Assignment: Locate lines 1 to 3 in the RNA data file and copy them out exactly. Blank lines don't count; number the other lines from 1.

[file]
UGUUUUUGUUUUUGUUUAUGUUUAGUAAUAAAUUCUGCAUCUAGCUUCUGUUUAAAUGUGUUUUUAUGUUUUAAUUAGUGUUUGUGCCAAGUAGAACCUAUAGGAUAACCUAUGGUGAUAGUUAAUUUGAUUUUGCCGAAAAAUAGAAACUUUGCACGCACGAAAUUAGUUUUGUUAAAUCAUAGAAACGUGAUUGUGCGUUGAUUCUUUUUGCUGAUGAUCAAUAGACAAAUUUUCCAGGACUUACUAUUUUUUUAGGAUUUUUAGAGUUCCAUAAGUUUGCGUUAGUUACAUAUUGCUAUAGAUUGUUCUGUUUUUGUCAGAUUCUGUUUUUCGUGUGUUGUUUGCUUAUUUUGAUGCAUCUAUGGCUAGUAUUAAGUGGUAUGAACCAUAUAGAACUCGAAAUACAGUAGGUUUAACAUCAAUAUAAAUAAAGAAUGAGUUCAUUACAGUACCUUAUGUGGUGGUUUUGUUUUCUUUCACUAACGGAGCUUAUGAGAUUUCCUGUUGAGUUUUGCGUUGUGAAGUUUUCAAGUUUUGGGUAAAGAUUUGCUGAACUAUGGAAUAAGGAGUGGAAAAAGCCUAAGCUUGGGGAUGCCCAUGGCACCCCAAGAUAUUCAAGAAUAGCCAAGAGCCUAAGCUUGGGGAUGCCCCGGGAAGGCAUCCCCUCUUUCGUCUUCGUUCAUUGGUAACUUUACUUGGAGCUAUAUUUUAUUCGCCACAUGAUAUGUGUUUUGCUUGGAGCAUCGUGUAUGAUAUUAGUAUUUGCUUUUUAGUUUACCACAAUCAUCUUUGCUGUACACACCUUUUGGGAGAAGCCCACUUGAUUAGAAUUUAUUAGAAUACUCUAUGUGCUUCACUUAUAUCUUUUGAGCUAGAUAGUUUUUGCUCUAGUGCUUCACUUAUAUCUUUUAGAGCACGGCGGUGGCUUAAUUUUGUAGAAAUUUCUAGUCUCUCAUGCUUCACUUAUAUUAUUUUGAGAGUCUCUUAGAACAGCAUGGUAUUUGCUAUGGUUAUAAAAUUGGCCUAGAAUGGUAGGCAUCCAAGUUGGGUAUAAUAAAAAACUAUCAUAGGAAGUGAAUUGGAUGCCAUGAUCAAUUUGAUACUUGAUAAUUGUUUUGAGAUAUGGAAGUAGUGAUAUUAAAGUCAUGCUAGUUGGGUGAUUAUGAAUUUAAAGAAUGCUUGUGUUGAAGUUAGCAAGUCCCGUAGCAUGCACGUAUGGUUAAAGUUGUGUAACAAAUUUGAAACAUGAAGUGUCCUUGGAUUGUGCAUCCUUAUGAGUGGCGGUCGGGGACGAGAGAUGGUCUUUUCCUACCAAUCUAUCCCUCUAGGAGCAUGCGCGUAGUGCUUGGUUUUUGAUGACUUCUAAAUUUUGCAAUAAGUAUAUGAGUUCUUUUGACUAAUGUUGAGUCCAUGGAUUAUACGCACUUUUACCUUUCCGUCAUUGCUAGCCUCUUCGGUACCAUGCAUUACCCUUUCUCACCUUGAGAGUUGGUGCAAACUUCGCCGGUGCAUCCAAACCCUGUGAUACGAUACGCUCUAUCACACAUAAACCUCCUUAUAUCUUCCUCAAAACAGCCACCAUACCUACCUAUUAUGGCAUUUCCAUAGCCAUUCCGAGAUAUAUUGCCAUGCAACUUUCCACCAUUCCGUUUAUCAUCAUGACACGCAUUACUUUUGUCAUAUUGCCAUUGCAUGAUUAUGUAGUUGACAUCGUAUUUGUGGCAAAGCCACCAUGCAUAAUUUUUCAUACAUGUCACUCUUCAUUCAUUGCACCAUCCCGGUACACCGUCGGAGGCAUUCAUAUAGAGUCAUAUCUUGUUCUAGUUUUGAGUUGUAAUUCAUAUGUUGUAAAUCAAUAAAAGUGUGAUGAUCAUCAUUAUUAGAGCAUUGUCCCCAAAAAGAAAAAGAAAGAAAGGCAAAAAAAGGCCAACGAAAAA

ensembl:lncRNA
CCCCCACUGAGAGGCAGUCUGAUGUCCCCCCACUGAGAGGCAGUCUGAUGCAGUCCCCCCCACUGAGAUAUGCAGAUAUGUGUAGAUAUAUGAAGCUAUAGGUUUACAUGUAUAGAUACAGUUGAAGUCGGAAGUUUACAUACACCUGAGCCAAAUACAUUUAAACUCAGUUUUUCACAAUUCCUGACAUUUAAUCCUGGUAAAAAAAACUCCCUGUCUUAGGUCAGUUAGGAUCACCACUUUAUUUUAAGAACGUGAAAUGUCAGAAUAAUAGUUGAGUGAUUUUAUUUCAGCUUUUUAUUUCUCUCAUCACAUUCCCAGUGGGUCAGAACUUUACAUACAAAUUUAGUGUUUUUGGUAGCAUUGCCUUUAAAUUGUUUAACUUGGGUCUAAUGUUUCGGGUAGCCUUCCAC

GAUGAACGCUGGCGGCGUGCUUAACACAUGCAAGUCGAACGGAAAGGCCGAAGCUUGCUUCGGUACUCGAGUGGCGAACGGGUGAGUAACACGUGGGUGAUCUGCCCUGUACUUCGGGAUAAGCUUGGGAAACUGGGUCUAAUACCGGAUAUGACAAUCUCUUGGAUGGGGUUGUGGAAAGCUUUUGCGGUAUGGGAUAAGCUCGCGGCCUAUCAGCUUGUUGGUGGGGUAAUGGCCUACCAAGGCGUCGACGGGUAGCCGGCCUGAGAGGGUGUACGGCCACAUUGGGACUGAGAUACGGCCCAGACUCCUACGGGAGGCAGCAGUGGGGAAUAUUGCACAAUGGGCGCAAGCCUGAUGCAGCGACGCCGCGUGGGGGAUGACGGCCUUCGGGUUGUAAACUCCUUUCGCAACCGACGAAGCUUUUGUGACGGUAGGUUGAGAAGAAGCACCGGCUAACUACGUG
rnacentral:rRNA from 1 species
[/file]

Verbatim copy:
UGUUUUUGUUUUUGUUUAUGUUUAGUAAUAAAUUCUGCAUCUAGCUUCUGUUUAAAUGUGUUUUUAUGUUUUAAUUAGUGUUUGUGCCAAGUAGAACCUAUAGGAUAACCUAUGGUGAUAGUUAAUUUGAUUUUGCCGAAAAAUAGAAACUUUGCACGCACGAAAUUAGUUUUGUUAAAUCAUAGAAACGUGAUUGUGCGUUGAUUCUUUUUGCUGAUGAUCAAUAGACAAAUUUUCCAGGACUUACUAUUUUUUUAGGAUUUUUAGAGUUCCAUAAGUUUGCGUUAGUUACAUAUUGCUAUAGAUUGUUCUGUUUUUGUCAGAUUCUGUUUUUCGUGUGUUGUUUGCUUAUUUUGAUGCAUCUAUGGCUAGUAUUAAGUGGUAUGAACCAUAUAGAACUCGAAAUACAGUAGGUUUAACAUCAAUAUAAAUAAAGAAUGAGUUCAUUACAGUACCUUAUGUGGUGGUUUUGUUUUCUUUCACUAACGGAGCUUAUGAGAUUUCCUGUUGAGUUUUGCGUUGUGAAGUUUUCAAGUUUUGGGUAAAGAUUUGCUGAACUAUGGAAUAAGGAGUGGAAAAAGCCUAAGCUUGGGGAUGCCCAUGGCACCCCAAGAUAUUCAAGAAUAGCCAAGAGCCUAAGCUUGGGGAUGCCCCGGGAAGGCAUCCCCUCUUUCGUCUUCGUUCAUUGGUAACUUUACUUGGAGCUAUAUUUUAUUCGCCACAUGAUAUGUGUUUUGCUUGGAGCAUCGUGUAUGAUAUUAGUAUUUGCUUUUUAGUUUACCACAAUCAUCUUUGCUGUACACACCUUUUGGGAGAAGCCCACUUGAUUAGAAUUUAUUAGAAUACUCUAUGUGCUUCACUUAUAUCUUUUGAGCUAGAUAGUUUUUGCUCUAGUGCUUCACUUAUAUCUUUUAGAGCACGGCGGUGGCUUAAUUUUGUAGAAAUUUCUAGUCUCUCAUGCUUCACUUAUAUUAUUUUGAGAGUCUCUUAGAACAGCAUGGUAUUUGCUAUGGUUAUAAAAUUGGCCUAGAAUGGUAGGCAUCCAAGUUGGGUAUAAUAAAAAACUAUCAUAGGAAGUGAAUUGGAUGCCAUGAUCAAUUUGAUACUUGAUAAUUGUUUUGAGAUAUGGAAGUAGUGAUAUUAAAGUCAUGCUAGUUGGGUGAUUAUGAAUUUAAAGAAUGCUUGUGUUGAAGUUAGCAAGUCCCGUAGCAUGCACGUAUGGUUAAAGUUGUGUAACAAAUUUGAAACAUGAAGUGUCCUUGGAUUGUGCAUCCUUAUGAGUGGCGGUCGGGGACGAGAGAUGGUCUUUUCCUACCAAUCUAUCCCUCUAGGAGCAUGCGCGUAGUGCUUGGUUUUUGAUGACUUCUAAAUUUUGCAAUAAGUAUAUGAGUUCUUUUGACUAAUGUUGAGUCCAUGGAUUAUACGCACUUUUACCUUUCCGUCAUUGCUAGCCUCUUCGGUACCAUGCAUUACCCUUUCUCACCUUGAGAGUUGGUGCAAACUUCGCCGGUGCAUCCAAACCCUGUGAUACGAUACGCUCUAUCACACAUAAACCUCCUUAUAUCUUCCUCAAAACAGCCACCAUACCUACCUAUUAUGGCAUUUCCAUAGCCAUUCCGAGAUAUAUUGCCAUGCAACUUUCCACCAUUCCGUUUAUCAUCAUGACACGCAUUACUUUUGUCAUAUUGCCAUUGCAUGAUUAUGUAGUUGACAUCGUAUUUGUGGCAAAGCCACCAUGCAUAAUUUUUCAUACAUGUCACUCUUCAUUCAUUGCACCAUCCCGGUACACCGUCGGAGGCAUUCAUAUAGAGUCAUAUCUUGUUCUAGUUUUGAGUUGUAAUUCAUAUGUUGUAAAUCAAUAAAAGUGUGAUGAUCAUCAUUAUUAGAGCAUUGUCCCCAAAAAGAAAAAGAAAGAAAGGCAAAAAAAGGCCAACGAAAAA

ensembl:lncRNA
CCCCCACUGAGAGGCAGUCUGAUGUCCCCCCACUGAGAGGCAGUCUGAUGCAGUCCCCCCCACUGAGAUAUGCAGAUAUGUGUAGAUAUAUGAAGCUAUAGGUUUACAUGUAUAGAUACAGUUGAAGUCGGAAGUUUACAUACACCUGAGCCAAAUACAUUUAAACUCAGUUUUUCACAAUUCCUGACAUUUAAUCCUGGUAAAAAAAACUCCCUGUCUUAGGUCAGUUAGGAUCACCACUUUAUUUUAAGAACGUGAAAUGUCAGAAUAAUAGUUGAGUGAUUUUAUUUCAGCUUUUUAUUUCUCUCAUCACAUUCCCAGUGGGUCAGAACUUUACAUACAAAUUUAGUGUUUUUGGUAGCAUUGCCUUUAAAUUGUUUAACUUGGGUCUAAUGUUUCGGGUAGCCUUCCAC